“Why We Refuse” Tour comes to Swat

Two Israeli women spoke about their experiences as conscientious objectors in the Israeli army as part of the “Why We Refuse” Tour on Wednesday. Maya Wind and Nette Mishly part of a group called Shministim, a group of high school seniors who protest Israeli occupation of Palestinian territories by refusing to serve in the Israeli army, which generally results in their arrest. At the event, hosted by Swarthmore Students for a Democratic Society (SDS), the Peace Collection, and the Peace and Conflict Studies Department, they discussed their experiences and their reasons for refusing to serve.

Wind and Mishly began the talk by identifying the various ways that Israelis avoid military service (usually for reasons of religion or by being declared mentally or physically unfit). They explained that they were conscientious objectors in that they refused to fight because they believed it was “impossible to be moral and serve the occupation.” As a result of their actions, they and others like them spent anywhere from a few weeks to a few months in prison and became members of a “very isolated part” of Israeli society. Shministim became almost a support group for the women.

Wind and Mishly explained their position by discussing the ways that the Israelis exploit and abuse the Palestinians. Wind explained that while many people believe that Israelis move into the West Bank for ideological reasons this is in fact not the case – most move in for economic reasons. In reality the Israeli government supports the movement of Israelis by providing tax breaks and incentives to those who build in the West Bank. As Wind passionately said, “This is not an extreme group – this is our government. With one hand we offer peace and with the other we keep stealing land.”

In addition, the Israelis exploit Palestinian labor, control the products moving into Palestine, and take Palestinian resources. Wind explained how Israeli companies mine resources in Palestinian territory and take it without paying Palestinians; Israel also reroutes 80% of the water that falls in the West Bank to Israeli lands, leaving only 20% for Palestinian farmers.

Wind and Mishly also discussed the existence of checkpoints and how they infringe upon Palestinian rights. Essentially, the Israelis established checkpoints that impede Palestinian movements, as they need permits to pass through. Having to pass through these checkpoints to get to school, university, work, and hospitals makes daily life for Palestinians much more difficult. The required permits are distributed by Israelis, and can be taken away. Thus, as Wind said, “Palestinians are too fearful to rebel against Israeli oppression because they need to cross for their own survival.” These checkpoints do not even separate Israelis from Palestinians – often they just separate Palestinians from Palestinians. Wind and Mishly also talked about how these checkpoints are unfair to Israeli soldiers by describing how stressful and uncomfortable manning these posts are as they constantly have to deal with the threat of attack. As a result they wear out quickly and become more aggressive.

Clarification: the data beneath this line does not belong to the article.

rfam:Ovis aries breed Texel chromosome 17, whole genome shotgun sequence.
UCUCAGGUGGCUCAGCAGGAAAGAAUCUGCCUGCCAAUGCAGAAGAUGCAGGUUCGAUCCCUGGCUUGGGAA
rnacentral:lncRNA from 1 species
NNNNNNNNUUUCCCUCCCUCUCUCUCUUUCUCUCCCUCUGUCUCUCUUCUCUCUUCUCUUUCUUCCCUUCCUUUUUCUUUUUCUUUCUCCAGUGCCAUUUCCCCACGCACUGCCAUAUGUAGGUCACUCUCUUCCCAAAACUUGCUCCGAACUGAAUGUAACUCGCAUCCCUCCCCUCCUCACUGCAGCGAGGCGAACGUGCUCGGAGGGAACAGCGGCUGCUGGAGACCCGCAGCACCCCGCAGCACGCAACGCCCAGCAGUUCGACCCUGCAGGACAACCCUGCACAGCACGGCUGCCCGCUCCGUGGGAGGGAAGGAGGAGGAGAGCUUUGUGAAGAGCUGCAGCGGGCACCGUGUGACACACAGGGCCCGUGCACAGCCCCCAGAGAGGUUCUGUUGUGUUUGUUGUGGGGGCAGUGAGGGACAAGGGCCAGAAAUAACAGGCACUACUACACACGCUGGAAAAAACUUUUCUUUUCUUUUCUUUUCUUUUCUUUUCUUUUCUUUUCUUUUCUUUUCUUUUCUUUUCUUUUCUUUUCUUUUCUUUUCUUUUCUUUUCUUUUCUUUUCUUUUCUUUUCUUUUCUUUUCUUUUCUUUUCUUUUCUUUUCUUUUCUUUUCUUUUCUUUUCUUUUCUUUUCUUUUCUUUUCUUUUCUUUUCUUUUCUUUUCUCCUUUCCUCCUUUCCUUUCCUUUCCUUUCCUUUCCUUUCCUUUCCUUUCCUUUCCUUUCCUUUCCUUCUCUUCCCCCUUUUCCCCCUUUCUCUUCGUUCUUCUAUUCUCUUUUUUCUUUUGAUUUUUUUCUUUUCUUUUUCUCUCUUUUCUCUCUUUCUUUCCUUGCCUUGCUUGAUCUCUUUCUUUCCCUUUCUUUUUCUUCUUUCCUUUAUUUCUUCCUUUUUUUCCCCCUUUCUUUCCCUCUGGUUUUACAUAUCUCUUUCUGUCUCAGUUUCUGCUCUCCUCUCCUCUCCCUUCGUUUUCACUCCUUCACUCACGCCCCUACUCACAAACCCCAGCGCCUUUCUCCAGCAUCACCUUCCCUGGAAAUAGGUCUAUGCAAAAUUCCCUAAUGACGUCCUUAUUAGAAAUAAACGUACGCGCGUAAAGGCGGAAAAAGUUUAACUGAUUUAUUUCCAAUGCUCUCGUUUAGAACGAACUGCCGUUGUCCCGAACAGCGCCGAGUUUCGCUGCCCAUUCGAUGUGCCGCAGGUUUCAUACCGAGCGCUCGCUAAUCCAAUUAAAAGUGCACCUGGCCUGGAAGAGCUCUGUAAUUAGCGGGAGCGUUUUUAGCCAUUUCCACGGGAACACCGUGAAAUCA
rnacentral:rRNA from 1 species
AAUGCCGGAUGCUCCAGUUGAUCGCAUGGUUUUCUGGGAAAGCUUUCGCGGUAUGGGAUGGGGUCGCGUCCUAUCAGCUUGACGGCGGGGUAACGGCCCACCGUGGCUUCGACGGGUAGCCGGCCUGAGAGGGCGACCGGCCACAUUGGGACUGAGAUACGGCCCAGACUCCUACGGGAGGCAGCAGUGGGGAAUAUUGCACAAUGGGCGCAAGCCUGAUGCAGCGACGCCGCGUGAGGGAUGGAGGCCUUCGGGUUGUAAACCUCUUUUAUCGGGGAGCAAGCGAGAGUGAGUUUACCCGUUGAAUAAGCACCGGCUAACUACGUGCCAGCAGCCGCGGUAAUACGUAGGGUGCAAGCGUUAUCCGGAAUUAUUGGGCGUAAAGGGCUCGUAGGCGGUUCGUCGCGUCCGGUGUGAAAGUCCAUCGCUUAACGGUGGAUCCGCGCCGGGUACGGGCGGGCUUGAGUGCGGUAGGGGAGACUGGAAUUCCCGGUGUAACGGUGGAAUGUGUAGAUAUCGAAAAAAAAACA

Mishly also talked about the Red Wall, which illegally adds land to Israel. As Mishly said, “They planned the wall to protect people who haven’t moved there yet and buildings that haven’t been built, which shows the ideology that more Israelis should be in the land.”

In addition to how Israeli policies harm Palestinians, Wind and Mishly also discussed how the policies harm Israeli society. Having the focus on security rather than on internal issues is, they said, taking away from the welfare budget and now education and health care are deteriorating. Wind talked about the “anti-democratic, almost fascist” laws that are being discussed, such as laws silencing Palestinians and laws forcing people to swear loyalty to the state, restricting their citizenship if they refuse or do not serve in the military.

Despite all of these problems, both Wind and Mishly said that they have no intention of ever leaving Israel and that they want to stay and raise their families there. They do, however, have hope, and they are working towards a more moral Israel and an end to the Israeli and Palestinian conflict. As Wind said, “We’re caught up in a victim mentality where we don’t trust the people we’re negotiating with…[but] there is always someone on the other side to talk to — we just aren’t trying hard enough.”


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